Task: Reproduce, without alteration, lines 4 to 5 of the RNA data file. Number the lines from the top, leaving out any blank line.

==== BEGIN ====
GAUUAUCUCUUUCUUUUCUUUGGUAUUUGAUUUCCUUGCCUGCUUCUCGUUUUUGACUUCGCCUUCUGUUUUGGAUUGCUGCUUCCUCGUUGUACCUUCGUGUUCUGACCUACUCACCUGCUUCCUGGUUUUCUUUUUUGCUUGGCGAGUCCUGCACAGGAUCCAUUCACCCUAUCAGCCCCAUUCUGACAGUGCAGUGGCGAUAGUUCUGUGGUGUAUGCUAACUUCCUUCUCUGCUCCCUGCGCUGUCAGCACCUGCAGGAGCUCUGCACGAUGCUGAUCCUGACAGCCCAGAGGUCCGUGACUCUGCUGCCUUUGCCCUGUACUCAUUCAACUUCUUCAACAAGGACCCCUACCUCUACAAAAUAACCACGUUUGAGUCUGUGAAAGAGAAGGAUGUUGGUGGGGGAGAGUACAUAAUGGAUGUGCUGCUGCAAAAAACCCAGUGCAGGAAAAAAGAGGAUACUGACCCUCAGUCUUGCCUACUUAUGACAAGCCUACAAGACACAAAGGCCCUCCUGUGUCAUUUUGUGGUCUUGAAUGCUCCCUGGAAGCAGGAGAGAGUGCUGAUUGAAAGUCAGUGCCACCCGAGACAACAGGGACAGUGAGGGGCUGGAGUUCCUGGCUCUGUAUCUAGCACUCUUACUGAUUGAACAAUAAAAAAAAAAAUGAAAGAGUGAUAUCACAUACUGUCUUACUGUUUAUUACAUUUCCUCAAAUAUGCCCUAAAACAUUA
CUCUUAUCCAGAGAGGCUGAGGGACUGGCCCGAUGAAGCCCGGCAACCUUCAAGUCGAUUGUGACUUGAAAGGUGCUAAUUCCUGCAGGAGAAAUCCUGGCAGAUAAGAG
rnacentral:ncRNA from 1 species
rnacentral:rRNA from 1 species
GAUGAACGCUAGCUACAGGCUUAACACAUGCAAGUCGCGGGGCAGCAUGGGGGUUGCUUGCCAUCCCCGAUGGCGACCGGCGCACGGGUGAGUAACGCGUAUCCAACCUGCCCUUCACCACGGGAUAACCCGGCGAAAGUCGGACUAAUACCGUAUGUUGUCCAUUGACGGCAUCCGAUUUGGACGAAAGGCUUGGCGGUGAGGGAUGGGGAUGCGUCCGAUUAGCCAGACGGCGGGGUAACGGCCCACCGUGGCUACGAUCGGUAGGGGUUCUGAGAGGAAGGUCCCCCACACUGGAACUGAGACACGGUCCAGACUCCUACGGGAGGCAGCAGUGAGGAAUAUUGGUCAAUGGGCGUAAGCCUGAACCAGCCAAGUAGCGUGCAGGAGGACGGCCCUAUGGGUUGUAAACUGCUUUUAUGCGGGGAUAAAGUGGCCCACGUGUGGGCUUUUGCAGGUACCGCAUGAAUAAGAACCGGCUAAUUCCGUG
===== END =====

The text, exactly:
rnacentral:rRNA from 1 species
GAUGAACGCUAGCUACAGGCUUAACACAUGCAAGUCGCGGGGCAGCAUGGGGGUUGCUUGCCAUCCCCGAUGGCGACCGGCGCACGGGUGAGUAACGCGUAUCCAACCUGCCCUUCACCACGGGAUAACCCGGCGAAAGUCGGACUAAUACCGUAUGUUGUCCAUUGACGGCAUCCGAUUUGGACGAAAGGCUUGGCGGUGAGGGAUGGGGAUGCGUCCGAUUAGCCAGACGGCGGGGUAACGGCCCACCGUGGCUACGAUCGGUAGGGGUUCUGAGAGGAAGGUCCCCCACACUGGAACUGAGACACGGUCCAGACUCCUACGGGAGGCAGCAGUGAGGAAUAUUGGUCAAUGGGCGUAAGCCUGAACCAGCCAAGUAGCGUGCAGGAGGACGGCCCUAUGGGUUGUAAACUGCUUUUAUGCGGGGAUAAAGUGGCCCACGUGUGGGCUUUUGCAGGUACCGCAUGAAUAAGAACCGGCUAAUUCCGUG